As a South Whidbey resident and mother of three, I was surprised and saddened to learn that business owner Tim Leonard continues to come under fire from neighbors for providing the safe, fun and low-cost community space that is the Machine Shop.
I have attended most of his Saturday music nights and I’ve watched him maintain a conscientious presence near the door, personally instructing guests to close the door behind them during amplified performances. He’s guided by a desire to provide a safe, enriching space for community members of all ages. I love the way he enriches life on Whidbey for young people, families, visitors and residents of all ages.
Music nights at the Machine Shop are a highlight of life on South Whidbey Island, and a huge relief for someone like me — a single parent making ends meet and unable to afford ferry rides and hotel rooms every time my family wants to hear a live band.
To be able to enjoy the artistry and fun of live music in my home town is a blessing. My two youngest daughters, ages 10 and 13, have been inspired by the music at the Machine Shop and have started their own band. They dream of someday performing there.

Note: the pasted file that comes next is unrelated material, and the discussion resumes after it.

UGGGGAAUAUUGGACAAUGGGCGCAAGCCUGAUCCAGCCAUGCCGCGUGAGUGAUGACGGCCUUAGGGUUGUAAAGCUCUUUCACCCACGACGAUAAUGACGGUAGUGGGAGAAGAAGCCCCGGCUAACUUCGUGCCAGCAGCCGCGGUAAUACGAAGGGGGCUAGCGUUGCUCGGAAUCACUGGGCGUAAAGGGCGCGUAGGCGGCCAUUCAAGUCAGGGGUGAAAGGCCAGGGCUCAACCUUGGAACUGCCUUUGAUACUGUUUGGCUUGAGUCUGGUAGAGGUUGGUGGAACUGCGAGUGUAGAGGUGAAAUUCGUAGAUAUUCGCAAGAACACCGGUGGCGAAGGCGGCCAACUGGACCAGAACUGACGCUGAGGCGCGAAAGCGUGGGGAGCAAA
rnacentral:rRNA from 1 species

I’ve heard other young musicians express what a relief it is to finally have a local venue where they perform before a live audience. Tim Leonard is helping to make Langley a more welcoming home not just for tourists and retirees but also for students and working families.
Tim doesn’t provide live music events to get rich or anger the neighbors. Events are generally free, and donations go straight to the bands. Tim provides live music events to enrich the community to which he has been so committed for so long, and I consider him a pillar of Langley civic life. It would be a tragic loss to Langley’s community vitality if critical neighbors constrain the activities at this safe, warm and beautifully managed venue.